Starting in April, the Trump administration will suspend some fast-track visas for up to six months.
U.S. Citizenship and Immigration Services released a statement Friday announcing the upcoming suspension.
The move applies to the "premium processing" option for H-1B visas. That option allows for a speedy application process for skilled workers looking for jobs in the U.S. — at least for a price.
H-1B visas allow skilled workers to live and work in the U.S. for up to three years. The program is of major importance to the tech industry.
But the program has its flaws; last year, three times more applications were received than the 85,000 limit. The result is a lottery-style system rather than a merit-based one.
Just a few days before the announcement to suspend H-1B visas, a reform bill was reintroduced in the House of Representatives. The goal of the bill is to eliminate the lottery system that has developed.
It would also help get rid of outsourcing firms, which take advantage of the expedited visa program by hiring entry-level employees from outside the U.S., then transferring them to a higher paying job once the employee arrives and pocketing the profit difference.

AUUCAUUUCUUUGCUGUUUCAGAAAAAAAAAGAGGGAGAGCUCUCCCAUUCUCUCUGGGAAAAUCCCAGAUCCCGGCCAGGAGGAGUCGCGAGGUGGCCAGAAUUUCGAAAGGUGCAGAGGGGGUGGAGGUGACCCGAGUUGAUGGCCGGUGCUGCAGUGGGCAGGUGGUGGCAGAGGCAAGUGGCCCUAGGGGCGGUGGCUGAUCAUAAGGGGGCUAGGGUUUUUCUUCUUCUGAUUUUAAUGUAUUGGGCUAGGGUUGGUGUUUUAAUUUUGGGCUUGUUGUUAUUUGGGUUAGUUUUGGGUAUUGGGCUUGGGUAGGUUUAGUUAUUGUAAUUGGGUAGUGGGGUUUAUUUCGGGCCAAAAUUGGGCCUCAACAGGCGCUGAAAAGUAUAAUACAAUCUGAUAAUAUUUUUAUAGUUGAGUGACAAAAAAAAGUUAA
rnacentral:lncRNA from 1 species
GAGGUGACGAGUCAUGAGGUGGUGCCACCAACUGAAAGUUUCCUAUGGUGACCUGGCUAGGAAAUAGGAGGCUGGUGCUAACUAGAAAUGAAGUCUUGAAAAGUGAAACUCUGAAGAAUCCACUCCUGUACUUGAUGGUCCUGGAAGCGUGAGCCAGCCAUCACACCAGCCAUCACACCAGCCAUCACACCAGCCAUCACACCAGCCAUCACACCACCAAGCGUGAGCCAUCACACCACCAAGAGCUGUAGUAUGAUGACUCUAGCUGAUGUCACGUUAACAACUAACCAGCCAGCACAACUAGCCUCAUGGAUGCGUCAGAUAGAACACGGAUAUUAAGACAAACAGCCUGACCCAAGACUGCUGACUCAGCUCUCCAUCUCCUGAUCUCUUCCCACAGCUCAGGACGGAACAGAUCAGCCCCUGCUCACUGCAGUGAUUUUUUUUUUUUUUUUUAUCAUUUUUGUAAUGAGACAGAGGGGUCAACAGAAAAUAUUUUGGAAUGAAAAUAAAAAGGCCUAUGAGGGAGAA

U.S. Citizenship and Immigration Services points to a desire to process standard visas, which it says are severely backlogged, as reason for the suspension.
Visa applicants can still apply for an expedited petition as long as they fall under one of seven specified categories. That includes visas that could cause severe financial loss to a company or person, emergency situation-humanitarian reasons, certain workers for nonprofit organizations, and workers whose entry is considered "of interest" to USCIS or other government entities.